Principle #3: Reduce Expenses to 75% of Net Income

June 29, 2012 § 3 Comments

For the first two principles we were in data acquisition mode. The sole purpose of Principle #1 and Principle #2 was to figure out what your financial situation looks like. You may have found out that you are doing great and reaping monetary gains each month; or you may have found that your spending is out of control, and you need a change. Well, buckle up… because this is where we take action.

Principle #3: Reduce Expenses and Increase Income to Spend No More Than 75% of Your Income.

The Offense and Defense of Personal Finance

Best selling authors Chris Brady and Orrin Woodward have a fantastic audio CD called, “The Offense and Defense of Personal Finance”. On that CD, they lay out a great analogy when it comes to thinking about money. Basically, this is the idea: in sports, offense can only do so much, and defense can only do so much. To be really great, you must have both.

“You have to earn more than you spend… AND you have to spend less than you make.” –Chris Brady

  • Offense: Find ways to increase your income. Can you work some overtime each week? Can you mow lawns, paint houses, fix up cars or computers? Have you considered a side business? My business of choice is the LIFE Business, where you can earn an income by leveraging information into people’s lives to help them experience positive change, thus making money and making a difference. The baseline monthly cost is about $50, which can be earned back and profiting within the first month.
  • Defense: Find ways to cut your expenses. This is one of the most simple things that a person can do. It does not require any extra work, yet it pays huge dividends. If you can just develop some self control in the area of spending, you’ll find that your paycheck will go a lot further. Can you buy less expensive foods? Can you wash your own car by hand instead of going to the carwash? Can you downgrade the cable, or get rid of it all together? Can you downgrade cell phone plan, or go to a month-to-month carrier like Virgin Mobile? Can you sell your newer car to buy an older model for cash… saving the monthly payments? How often do you eat out? If you cut one $25 expenditure per week, you just gave yourself a $100/month raise.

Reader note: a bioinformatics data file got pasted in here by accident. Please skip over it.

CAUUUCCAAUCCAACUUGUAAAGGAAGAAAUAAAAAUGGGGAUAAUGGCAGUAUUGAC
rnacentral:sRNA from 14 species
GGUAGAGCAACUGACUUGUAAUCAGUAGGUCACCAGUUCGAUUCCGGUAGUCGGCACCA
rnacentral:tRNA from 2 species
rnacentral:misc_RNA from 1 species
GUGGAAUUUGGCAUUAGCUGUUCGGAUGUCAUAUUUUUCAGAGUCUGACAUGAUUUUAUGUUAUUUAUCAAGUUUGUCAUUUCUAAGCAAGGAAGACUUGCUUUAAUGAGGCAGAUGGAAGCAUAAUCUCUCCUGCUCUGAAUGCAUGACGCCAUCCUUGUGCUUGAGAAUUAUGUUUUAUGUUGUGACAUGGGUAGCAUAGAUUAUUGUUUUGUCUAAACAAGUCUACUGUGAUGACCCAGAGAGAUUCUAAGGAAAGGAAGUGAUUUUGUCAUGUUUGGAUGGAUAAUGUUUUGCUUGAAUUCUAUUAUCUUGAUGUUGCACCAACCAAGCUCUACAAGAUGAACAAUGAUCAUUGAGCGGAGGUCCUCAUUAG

You get the point: Try to earn more AND spend less. What is amazing about these 10 Principles is that you can get completely debt-free without increasing your income. Remember: Money is not power. Knowledge applied is power… so use it! We are trying to free up some cash to work on our debt.

The Numbers

To stick with our previous example of a household gross income of $50,000, we figured out that our actual deposit to the bank (after taxes, tithe, etc) was $2,983/mo (see Principle #1). Let’s just assume that you did not go out and attempt to earn more. In order to adhere to Principle #3, you would need your TOTAL expenses to be no more than 75% of net income, or $2,237… giving you $746/mo to utilize wisely in other areas.

Now you may ask, “75%?!?! I can’t live on that little!” Here’s the truth, you personally know at least one person who lives on less than 75% of what you make… and that person knows someone who lives on 75% of what they make. It is possible, it just takes sacrifice.

“Quit trying to keep up with the Jones’s because the Jones’s are broke… Stop attempting to look wealthy and start applying the principles to become wealthy.” –Orrin Woodward

Fight the Good Fight!

This is the first step that will force you to make some tough decisions. Remember, you are choosing to do something that millions of people across North America have chosen not to do. You are breaking the chains of bondage from your finances. Pay the price… do what it takes… fight the good fight, it’s worth it!

“Few things allow someone to sleep better than a healthy financial position.” –Orrin Woodward

If you’ve decided to take this journey, post in the comments and let me know your thoughts.

Keep Reading and Leading,

David J. Garza

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§ 3 Responses to Principle #3: Reduce Expenses to 75% of Net Income

  • Deacon Hayes says:

    I counsel a lot of people regarding their finances and this is the #1 issue they face. They spend more than the earn and they use debt to finance the rest. If only more people would realize the value of spending less than they make. My wife and I are debt-free (except for our home) and there is so much freedom and flexibility in living this way.

    • Deacon, I completely agree. Imagine the even greater advances we could make as a society if only people would experience that freedom and flexibility. Do you have any specific examples of how a debt-free lifestyle has impacted your life?

      • Deacon Hayes says:

        The most recent example is that we were able to save up $300/month for about a year and a half which enables us to go to Singapore and Hong Kong in one week. We have 6 months emergency fund and are able to give more than we have ever been able to before. I highly recommend being debt-free :)

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